If you think Gardens by the Bay is all about Supertree Grove, OCBC Skyway, Flower Dome and Cloud Forest, think again. Beyond the tourist hotspots, Gardens by the Bay offers a beautiful blend of horticulture and architecture that everyone can enjoy without having to pay a pretty penny — yes, you read that right! Entry to all of these spots are free; no attraction tickets needed! 

On top of all the usual attractions, there are little peaceful and picturesque corners that are just as mesmerising. Here are the six free spots we believe everyone should not miss when they drop by!

1. Bay East Garden

things to do this weekend in singapore bay east garden things to do this weekend in singapore bay east garden

The riverside path at Bay East Garden connects Marina Bay Sands to East Coast Park.

Though relatively less known, Bay East Garden is the second largest garden in Garden by the Bay, coming after its counterpart in the south. This secluded green expanse sits across the Bay South Garden, home to the two prominent glass-domed conservatories. 

Being hidden does not make this lush park any less attractive compared to other popular tourist attractions. The aquatic ponds filled with brightly-coloured lotus and water lilies form the foreground of a panoramic view of Marina Bay Sands, Singapore Flyer, the F1 Building, and the Central Business District. This outdoor garden, of sorts, is a great place to take photos on your smartphones or digital cameras, admire our iconic city skyline, and, if you are lucky, spot the local otter families. 

Bay East Garden is relatively quiet, ideal for those who wish to have a peaceful stroll, and could possibly be one of the best cycling routes in Singapore too. There is also a concrete pathway which connects the park to Marina Barrage, where one can fly kites and have a picnic with the family over the weekend.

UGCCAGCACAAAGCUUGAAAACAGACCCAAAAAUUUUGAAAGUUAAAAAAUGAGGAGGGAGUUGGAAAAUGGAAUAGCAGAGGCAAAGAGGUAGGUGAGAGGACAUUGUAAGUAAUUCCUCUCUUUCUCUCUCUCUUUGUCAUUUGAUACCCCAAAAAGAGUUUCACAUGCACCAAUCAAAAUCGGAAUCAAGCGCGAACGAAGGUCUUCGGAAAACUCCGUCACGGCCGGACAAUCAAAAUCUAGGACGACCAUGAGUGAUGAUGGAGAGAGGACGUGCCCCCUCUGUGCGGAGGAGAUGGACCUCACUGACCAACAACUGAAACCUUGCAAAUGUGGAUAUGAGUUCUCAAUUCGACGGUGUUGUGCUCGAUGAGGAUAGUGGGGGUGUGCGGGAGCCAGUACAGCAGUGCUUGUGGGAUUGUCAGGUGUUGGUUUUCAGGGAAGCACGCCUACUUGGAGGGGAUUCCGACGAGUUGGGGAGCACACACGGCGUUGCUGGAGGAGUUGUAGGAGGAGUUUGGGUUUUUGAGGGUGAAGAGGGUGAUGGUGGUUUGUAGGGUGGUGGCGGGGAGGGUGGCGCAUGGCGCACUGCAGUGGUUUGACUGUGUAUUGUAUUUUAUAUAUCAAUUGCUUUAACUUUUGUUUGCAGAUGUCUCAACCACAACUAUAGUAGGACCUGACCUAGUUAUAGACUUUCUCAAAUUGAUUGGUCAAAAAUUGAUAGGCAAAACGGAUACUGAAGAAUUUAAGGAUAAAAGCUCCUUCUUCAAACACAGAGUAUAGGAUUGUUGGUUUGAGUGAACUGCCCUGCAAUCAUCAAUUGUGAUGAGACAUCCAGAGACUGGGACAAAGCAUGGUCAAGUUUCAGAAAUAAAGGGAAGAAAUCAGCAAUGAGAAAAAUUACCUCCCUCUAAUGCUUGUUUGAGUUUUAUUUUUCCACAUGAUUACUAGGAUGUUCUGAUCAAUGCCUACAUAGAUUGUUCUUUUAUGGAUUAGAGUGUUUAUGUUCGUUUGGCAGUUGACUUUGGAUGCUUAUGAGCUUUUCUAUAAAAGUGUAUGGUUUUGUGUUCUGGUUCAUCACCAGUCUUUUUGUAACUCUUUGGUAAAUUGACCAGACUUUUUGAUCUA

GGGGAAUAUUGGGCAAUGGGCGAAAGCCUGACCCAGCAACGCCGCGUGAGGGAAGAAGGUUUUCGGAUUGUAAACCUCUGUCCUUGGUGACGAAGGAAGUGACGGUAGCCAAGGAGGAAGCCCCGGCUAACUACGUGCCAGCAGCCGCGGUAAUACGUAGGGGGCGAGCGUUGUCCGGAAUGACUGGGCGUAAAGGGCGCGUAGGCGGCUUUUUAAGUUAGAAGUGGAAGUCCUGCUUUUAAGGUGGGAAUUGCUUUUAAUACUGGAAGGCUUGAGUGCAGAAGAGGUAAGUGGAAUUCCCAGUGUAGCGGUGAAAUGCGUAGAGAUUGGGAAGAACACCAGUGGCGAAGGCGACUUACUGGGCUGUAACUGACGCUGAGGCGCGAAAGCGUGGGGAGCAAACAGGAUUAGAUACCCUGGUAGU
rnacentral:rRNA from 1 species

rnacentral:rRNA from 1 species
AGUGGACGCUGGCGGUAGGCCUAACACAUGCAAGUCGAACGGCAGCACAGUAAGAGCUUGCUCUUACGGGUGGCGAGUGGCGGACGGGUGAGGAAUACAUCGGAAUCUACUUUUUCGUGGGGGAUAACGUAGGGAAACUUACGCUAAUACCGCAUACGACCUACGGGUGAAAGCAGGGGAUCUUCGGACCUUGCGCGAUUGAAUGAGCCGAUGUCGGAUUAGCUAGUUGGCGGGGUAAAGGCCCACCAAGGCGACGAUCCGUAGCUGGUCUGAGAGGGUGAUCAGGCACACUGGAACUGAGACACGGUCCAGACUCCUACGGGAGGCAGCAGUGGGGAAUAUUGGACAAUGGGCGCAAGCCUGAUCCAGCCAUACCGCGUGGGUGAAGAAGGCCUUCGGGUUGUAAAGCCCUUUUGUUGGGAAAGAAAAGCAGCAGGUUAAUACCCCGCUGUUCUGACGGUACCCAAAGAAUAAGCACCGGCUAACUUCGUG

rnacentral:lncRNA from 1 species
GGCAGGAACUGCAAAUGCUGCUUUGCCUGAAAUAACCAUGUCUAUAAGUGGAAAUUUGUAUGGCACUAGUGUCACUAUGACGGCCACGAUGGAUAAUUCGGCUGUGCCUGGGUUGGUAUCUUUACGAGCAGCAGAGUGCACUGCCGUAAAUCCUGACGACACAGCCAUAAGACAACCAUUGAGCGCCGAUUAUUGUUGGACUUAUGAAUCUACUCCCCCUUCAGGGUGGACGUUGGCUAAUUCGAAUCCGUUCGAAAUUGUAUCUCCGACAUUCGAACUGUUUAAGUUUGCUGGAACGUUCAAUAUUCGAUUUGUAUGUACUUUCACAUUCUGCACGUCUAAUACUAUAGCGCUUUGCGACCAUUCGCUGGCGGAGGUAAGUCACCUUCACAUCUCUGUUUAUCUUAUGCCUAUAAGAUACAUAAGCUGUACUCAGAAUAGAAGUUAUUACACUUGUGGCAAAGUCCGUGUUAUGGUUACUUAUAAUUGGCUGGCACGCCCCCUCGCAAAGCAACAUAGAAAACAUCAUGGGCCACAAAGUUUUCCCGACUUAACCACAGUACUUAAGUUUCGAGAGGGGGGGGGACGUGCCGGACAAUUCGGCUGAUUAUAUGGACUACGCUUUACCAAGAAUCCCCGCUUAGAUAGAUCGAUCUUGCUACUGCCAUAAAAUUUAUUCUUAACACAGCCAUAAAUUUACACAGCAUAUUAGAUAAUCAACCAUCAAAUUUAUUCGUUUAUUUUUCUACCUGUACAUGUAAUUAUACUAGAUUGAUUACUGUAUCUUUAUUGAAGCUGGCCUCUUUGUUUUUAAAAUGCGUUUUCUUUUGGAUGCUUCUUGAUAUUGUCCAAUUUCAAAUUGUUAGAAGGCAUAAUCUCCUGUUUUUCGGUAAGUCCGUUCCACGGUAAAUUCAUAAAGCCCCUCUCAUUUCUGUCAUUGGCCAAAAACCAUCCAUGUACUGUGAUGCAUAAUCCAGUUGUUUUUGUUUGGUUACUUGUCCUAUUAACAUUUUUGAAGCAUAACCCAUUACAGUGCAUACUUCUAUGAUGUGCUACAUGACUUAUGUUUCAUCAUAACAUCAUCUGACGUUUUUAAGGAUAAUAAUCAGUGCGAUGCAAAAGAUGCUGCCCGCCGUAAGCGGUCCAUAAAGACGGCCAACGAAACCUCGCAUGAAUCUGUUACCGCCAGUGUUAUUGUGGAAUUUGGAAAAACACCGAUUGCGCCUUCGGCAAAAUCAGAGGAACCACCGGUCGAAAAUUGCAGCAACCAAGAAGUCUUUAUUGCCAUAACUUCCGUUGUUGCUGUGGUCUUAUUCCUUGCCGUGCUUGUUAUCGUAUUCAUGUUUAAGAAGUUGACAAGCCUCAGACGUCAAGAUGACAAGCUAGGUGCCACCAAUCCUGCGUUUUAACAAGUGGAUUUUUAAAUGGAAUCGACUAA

Come 2027, Bay East Garden will also become the home to the new Founders’ Memorial, a brand new gallery honouring the nation’s founding leaders. This will add a new historical and cultural significance to this green space. 

Address: 11 Rhu Cross, Singapore 437440
Opening Hour: Daily—Open 24 hours

2. Sun Pavilion

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The Singapore Botanic Gardens or the Flower Dome are not the only places you’ll find cacti!

Plant lovers would know that Gardens by the Bay hosts one of the largest collections of cacti and succulents in Southeast Asia. 

Part of the collection, including plants commonly found in deserts and dry shrublands in East Africa and South America, is grown in the Sun Pavilion. Sun Pavilion is an outdoor, desert-like landscape with glass shelters that prevent succulents and cacti from coming into direct contact with our tropical rain. 

Currently, over 100 species and varieties of succulents can be found in the Sun Pavilion. This is a great place to learn about these exotic plants that are not native to Singapore. The more unique ones include the Brain Cactus, which grows around itself and sideways instead of upwards, making the plant look like a human brain. Meanwhile, the Turk’s Cap is a cactus that’s covered with a red, woolly, sphere-shaped top which resembles a Turkish Fez.